The next morning, the family finds Rawlins occupying the guest room. It is impossible to throw him out, as it is discovered that he is now a confidant of Senator Harlan and his daughter’s target of affection. Jerry is consumed with jealousy, as she sees Minerva flirting with Rawlins at golf later that morning. After a fudge-making spat with Jerry, Rawlins takes the rest of the day off on an errand. The car he wrecked turns out to be a loan. He goes to pay for it, but the car has been found and the police inform the car’s owner that Rawlins is assumed to be dead. The man leaves to identify his car. Thus, when Rawlins arrives, the owner’s assistant George (Willie Best) thinks he is a ghost. The Kilbournes believe Rawlins has left for good, much to Jerry’s dismay after waiting up to reconcile with him.

The next morning at breakfast, the newspaper reports the death of E. Wade Rawlins, the “noted novelist,” from car crash, to the shock and dismay of the family, the cook and the maid.

When Rawlins reappears alive, Jerry is relieved.

Constance Bennett as Geraldine “Jerry” Kilbourne
Brian Aherne as E. Wade Rawlins, the tramp
Alan Mowbray as Grosvenor, the butler
Billie Burke as Emily Kilbourne
Patsy Kelly as Etta, the cook
Ann Dvorak as Minerva Harlan
Tom Brown as Kane Kilbourne
Clarence Kolb as Henry Kilbourne
Bonita Granville as Marion Kilbourne
Marjorie Rambeau as Mrs. Harlan
Phillip Reed as Herbert Wheeler
Willie Best as George W. Jones, the store assistant
Sidney Bracey as hired Second Butler/Footman
Paul Everton as Senator Willie Harlan
Marjorie Kane as Rosa, the maid
Olin Howland as Jed Smith, general store owner (uncredited)
Cast notes

This was the fifth of six films that Billie Burke and Alan Mowbray appeared together in. The others were Where Sinners Meet (1934), Becky Sharp (1935), She Couldn’t Take It (1935), Topper (1937), and Topper Takes a Trip (1938).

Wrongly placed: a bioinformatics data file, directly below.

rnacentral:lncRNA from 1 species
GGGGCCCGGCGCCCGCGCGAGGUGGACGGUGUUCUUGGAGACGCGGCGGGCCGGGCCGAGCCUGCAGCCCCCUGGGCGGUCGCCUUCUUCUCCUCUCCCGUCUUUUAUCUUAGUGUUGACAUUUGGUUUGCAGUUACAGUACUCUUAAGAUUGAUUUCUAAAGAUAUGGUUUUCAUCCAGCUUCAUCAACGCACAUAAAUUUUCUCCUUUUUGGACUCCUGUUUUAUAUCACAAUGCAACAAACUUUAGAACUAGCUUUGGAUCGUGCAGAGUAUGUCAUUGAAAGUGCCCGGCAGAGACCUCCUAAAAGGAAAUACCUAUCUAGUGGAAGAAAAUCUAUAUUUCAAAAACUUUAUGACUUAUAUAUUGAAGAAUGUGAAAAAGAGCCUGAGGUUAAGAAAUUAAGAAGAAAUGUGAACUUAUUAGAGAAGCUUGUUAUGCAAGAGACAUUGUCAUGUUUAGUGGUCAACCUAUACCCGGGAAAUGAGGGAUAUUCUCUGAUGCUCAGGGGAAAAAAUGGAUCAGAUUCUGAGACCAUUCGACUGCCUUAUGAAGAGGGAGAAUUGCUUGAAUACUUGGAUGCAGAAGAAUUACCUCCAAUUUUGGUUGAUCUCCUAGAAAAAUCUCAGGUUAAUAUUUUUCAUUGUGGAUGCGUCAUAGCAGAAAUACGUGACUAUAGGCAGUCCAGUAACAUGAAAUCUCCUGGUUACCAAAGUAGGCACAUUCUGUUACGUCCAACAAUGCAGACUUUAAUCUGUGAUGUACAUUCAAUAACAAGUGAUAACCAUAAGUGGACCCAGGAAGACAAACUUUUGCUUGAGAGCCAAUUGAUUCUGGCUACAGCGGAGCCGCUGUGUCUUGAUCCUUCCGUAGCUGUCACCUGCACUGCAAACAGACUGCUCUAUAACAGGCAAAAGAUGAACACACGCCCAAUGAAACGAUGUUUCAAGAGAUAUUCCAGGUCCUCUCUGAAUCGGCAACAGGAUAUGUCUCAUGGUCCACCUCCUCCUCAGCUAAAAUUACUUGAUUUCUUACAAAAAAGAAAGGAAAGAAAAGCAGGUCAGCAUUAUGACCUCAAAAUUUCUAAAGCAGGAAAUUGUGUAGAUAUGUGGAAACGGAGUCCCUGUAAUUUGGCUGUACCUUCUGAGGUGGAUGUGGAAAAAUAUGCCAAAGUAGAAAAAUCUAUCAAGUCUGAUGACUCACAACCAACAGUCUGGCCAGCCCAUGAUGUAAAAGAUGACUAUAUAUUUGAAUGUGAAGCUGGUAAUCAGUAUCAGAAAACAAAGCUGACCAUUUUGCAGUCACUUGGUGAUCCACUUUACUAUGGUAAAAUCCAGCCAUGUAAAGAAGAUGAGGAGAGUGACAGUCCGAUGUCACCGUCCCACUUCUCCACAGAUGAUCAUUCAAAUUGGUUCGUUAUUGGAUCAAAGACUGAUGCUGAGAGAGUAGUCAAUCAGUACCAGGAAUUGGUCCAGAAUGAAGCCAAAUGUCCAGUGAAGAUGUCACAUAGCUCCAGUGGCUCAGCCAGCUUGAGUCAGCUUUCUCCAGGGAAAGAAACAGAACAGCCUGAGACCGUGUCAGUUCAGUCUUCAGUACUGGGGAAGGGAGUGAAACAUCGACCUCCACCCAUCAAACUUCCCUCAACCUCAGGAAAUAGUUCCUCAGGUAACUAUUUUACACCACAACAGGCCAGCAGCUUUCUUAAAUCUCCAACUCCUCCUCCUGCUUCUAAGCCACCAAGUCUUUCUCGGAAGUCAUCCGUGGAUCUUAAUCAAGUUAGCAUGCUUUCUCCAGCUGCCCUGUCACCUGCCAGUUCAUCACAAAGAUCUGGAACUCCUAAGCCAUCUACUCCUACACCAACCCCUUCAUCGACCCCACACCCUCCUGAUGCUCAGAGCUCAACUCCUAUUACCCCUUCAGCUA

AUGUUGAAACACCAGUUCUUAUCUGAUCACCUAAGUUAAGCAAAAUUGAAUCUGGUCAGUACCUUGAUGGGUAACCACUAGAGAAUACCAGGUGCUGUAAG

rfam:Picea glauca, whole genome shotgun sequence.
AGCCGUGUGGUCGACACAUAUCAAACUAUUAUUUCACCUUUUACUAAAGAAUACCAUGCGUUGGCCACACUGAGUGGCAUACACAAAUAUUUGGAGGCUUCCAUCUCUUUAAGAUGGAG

Merrily We Live was in production from October 27, 1937, to January 10, 1938. Some location shoot took place at Arrowhead Hot Spring and Big Bear Lake in the San Bernardino Mountains of southern California.

Titles that were considered for the film included “Take It Easy,” “Love Without Reason”, and “Dark Chapter,” which is the title of the E.J. Rath book the film is in part based on–though neither Rath’s novel nor Courtenay Savage’s play are credited.

Broadway columnist Ed Sullivan provided additional dialogue for the film, his first assignment for Hal Roach Studios.

Oscar Context

Oscar Nominations: 5

Merrily We Live received five Oscar nominations: Best Supporting Actress (Billie Burke), Best Sound Recording (Elmer Raguse), Best Song (“Merrily We Live”), Best Art Direction (Charles D. Hall), and Best Cinematography (Norbert Brodine).

Billie Burke’s Best Supporting Actress nomination was the only Oscar nomination of her career.

Oscar Awards: None


On March 3, 1938, parts of Merrily We Live were recreated for the radio on MGM’s Good News Radio program, featuring the stars of the film.

In 1955, there was a Mexican version of the film under the title Escuela de vagabundos (School for Vagabonds) with Pedro Infante and Miroslava Stern as the lead actors.

Films directed by Norman Z. McLeod

Taking a Chance (1928)Along Came Youth (1930)Touchdown (1931)Monkey Business (1931)The Miracle Man (1932)Horse Feathers (1932)A Lady’s Profession (1933)Mama Loves Papa (1933)Alice in Wonderland (1933)Melody in Spring (1934)Many Happy Returns (1934)It’s a Gift (1934)Redheads on Parade (1935)Here Comes Cookie (1935)Coronado (1935)Early to Bed (1936)Pennies from Heaven (1936)Mind Your Own Business (1936)Topper (1937)Merrily We Live (1938)There Goes My Heart (1938)Topper Takes a Trip (1938)Remember? (1939)Little Men (1940)The Trial of Mary Dugan (1941)Lady Be Good (1941)Jackass Mail (1942)Panama Hattie (1942)The Powers Girl (1943)Swing Shift Maisie (1943)The Kid from Brooklyn (1946)The Secret Life of Walter Mitty (1947)Road to Rio (1947)Isn’t It Romantic? (1948)The Paleface (1948)Let’s Dance (1950)My Favorite Spy (1951)Never Wave at a WAC (1953)Casanova’s Big Night (1954)Public Pigeon No. 1 (1957)Alias Jesse James (1959)